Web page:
News in Digest: What happened to good old Lars Jensen?

He’s been overtaken by new Danes who have unique names, work 30 hours a week, embrace American culture and still live with their folks

Lars Peter Jensen is a model citizen. The 45-year-old works 37 hours a week, adequately reads and writes, lives in his own flat with his wife and 2.1 children, mixes well with both women and men, and is heavily sceptical about the Americanisation of Danish society.

Sure, it annoys him that 51 people share his name, and that’s just on the telephone number database, and that youngsters today work peculiar hours, eat too many hamburgers and mostly shun newspapers – his favourite form of relaxation.

But this is Denmark – it’s never going to change, right?

Doubling up
Today, 97 percent of newborns have unique names. Not only are parents choosing rarer christian names, they are also picking two family names, sometimes going back four or five generations to find a ‘middle name’ that will make them stand out.

Double-barreled names are also in the ascendancy as parents choose to fashion a surname out of both of theirs.

In 1982, the name law was changed so that the last name of the mother and father were equal, which meant that both genders could choose the other’s last name in marriage.

The latest name law from 2005 further expanded the possibilities and today couples are free to pick all the last names that a member of the two families have had within the last four to five generations.

Shorter week
Shorter working hours might be with us quicker than you think. In late October, Alternativet MP René Gade embarked on a fortnight of working 30 hours a week (down from his normal 50 hours) as an experiment with a view to forming policy.

He promised to only answer emails once a day, use his mobile solely for texting, SoMe and speaking, stick strictly to agendas, and agree his calendar in advance.

Boys like their toys
The gender gap is widening as children today have a much more conservative view of gender roles and spend far too little time together, reveals a survey carried out by Center for Ungdomsstudier.

While boys tend to hang out in the digital sphere – for example, playing computer games – girls are more inclined to stop attending out-of-school activities with their classmates earlier.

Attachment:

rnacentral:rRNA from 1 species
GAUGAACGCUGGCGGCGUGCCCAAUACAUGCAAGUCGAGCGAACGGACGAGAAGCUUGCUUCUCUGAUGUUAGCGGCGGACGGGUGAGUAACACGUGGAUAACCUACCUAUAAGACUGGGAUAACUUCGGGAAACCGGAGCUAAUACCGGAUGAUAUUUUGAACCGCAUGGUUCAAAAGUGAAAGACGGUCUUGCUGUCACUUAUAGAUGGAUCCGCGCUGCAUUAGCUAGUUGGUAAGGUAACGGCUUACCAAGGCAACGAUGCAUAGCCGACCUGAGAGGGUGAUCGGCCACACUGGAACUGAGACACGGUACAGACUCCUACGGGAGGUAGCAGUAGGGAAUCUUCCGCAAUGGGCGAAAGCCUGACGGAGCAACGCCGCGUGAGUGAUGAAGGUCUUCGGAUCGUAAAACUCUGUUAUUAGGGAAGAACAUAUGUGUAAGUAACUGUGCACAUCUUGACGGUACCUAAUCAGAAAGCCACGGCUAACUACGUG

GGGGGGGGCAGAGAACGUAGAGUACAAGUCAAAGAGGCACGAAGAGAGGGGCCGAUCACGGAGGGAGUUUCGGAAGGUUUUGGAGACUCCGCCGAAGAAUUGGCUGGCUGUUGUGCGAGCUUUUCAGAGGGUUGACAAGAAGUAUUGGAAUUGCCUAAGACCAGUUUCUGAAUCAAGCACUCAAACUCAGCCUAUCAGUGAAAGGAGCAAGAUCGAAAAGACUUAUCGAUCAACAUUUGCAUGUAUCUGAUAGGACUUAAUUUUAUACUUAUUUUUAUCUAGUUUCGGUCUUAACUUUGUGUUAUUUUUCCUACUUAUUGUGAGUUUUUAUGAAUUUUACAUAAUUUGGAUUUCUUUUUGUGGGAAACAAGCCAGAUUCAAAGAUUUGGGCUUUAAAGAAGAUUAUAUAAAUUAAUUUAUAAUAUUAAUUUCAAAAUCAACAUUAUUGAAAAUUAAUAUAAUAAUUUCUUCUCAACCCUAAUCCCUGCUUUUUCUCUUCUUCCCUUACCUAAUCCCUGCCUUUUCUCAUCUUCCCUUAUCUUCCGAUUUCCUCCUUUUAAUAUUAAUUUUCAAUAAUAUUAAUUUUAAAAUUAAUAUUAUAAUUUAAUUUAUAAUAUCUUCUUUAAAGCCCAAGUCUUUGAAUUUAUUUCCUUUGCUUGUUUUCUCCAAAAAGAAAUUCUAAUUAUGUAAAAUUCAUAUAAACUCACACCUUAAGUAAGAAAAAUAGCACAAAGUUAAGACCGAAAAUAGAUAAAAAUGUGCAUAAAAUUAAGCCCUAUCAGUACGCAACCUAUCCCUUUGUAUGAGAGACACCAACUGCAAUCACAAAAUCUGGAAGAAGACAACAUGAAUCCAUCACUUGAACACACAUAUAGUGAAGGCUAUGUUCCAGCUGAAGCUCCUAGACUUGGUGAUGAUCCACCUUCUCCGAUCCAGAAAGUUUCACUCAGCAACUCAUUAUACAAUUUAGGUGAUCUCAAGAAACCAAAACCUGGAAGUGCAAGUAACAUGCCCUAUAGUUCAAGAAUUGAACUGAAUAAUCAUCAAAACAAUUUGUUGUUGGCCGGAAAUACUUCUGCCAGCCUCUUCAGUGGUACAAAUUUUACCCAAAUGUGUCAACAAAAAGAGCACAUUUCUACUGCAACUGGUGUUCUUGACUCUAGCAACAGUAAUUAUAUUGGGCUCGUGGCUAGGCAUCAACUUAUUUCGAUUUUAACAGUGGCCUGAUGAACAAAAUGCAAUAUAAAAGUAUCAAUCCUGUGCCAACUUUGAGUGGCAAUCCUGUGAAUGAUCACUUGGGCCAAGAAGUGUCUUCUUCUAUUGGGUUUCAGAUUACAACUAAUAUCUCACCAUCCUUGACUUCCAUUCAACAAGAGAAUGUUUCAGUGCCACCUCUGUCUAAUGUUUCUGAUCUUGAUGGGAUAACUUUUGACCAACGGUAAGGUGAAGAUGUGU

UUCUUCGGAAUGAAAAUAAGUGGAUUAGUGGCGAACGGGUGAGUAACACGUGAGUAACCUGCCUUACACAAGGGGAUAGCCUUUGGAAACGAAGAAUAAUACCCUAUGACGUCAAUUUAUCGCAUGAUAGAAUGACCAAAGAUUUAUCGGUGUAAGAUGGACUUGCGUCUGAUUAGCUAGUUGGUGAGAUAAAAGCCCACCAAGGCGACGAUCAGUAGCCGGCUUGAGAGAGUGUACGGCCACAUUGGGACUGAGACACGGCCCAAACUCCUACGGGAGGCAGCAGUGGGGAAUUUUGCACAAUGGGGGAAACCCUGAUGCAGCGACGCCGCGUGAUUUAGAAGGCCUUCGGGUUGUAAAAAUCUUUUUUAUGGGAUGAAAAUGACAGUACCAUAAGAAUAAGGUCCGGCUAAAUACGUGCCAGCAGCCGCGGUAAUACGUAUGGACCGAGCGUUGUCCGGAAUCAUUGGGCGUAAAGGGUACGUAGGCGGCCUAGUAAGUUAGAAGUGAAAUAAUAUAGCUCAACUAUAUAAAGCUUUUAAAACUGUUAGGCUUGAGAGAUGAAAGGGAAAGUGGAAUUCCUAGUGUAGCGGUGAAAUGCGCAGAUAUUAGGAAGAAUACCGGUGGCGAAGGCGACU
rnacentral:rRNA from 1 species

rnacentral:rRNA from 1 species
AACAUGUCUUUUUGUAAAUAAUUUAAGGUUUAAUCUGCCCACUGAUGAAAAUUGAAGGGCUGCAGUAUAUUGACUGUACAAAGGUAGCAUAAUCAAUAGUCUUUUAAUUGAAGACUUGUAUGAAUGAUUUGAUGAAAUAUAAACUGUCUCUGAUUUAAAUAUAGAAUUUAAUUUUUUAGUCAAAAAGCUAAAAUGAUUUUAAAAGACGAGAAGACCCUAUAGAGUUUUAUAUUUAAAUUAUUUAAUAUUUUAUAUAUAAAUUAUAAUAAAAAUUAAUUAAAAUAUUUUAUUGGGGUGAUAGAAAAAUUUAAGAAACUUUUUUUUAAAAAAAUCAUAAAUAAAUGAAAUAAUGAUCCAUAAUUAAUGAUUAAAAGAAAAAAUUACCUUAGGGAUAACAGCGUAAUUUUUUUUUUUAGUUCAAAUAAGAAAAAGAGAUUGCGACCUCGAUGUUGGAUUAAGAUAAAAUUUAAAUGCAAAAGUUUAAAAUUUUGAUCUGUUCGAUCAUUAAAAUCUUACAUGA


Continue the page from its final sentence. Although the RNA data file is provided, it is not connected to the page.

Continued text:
Still living at home
Compared to some other cultures, Danish youngsters might be keener to move out of their parents’ house at a reasonably early age, but over the past nine years the number of young Danes moving back in has increased by 12 percent.

According to Danmark Statistik, there were 31,000 ‘back-to-the-folks’ moves among 15-29-year-olds in 2017 – a trend particularly buoyed by the male population, which accounted for 17,500 of the moves.

The age group with the highest share of moves back home was the slightly older 24 to 25-year-olds, and 75 percent of the moves overall are undertaken by young people who had lived away from their parents for under two years.

Less literate
Is our digital society, and tendency to prefer photos and videos to text, making us worse at reading and writing?

New figures from the Ministry of Education reveal that when it comes to reading, children’s grades have dropped from an average of 6.8 in 2016 to 6.5 in 2017 and 6.0 today, reports

This is despite the various school reforms introduced over the last few years that have included longer school days. The education minister, Merete Riisager, has called the figures “critical”.

Hello Halloween
Danish children are more likely to celebrate Halloween than ever before. Some 42 percent of Danes with children under the age of 13 will take part in a Halloween activity. Of these, two-thirds decorate their homes and one-half buy special costumes.

“We can see that a large proportion of families with children buy goods to mark Halloween – especially items such as pumpkins, confectionery, decorations and clothes,” said Dansk Erhverv consultant Matthias Vesterdal.

Amongst the general population, just 16 percent celebrate.

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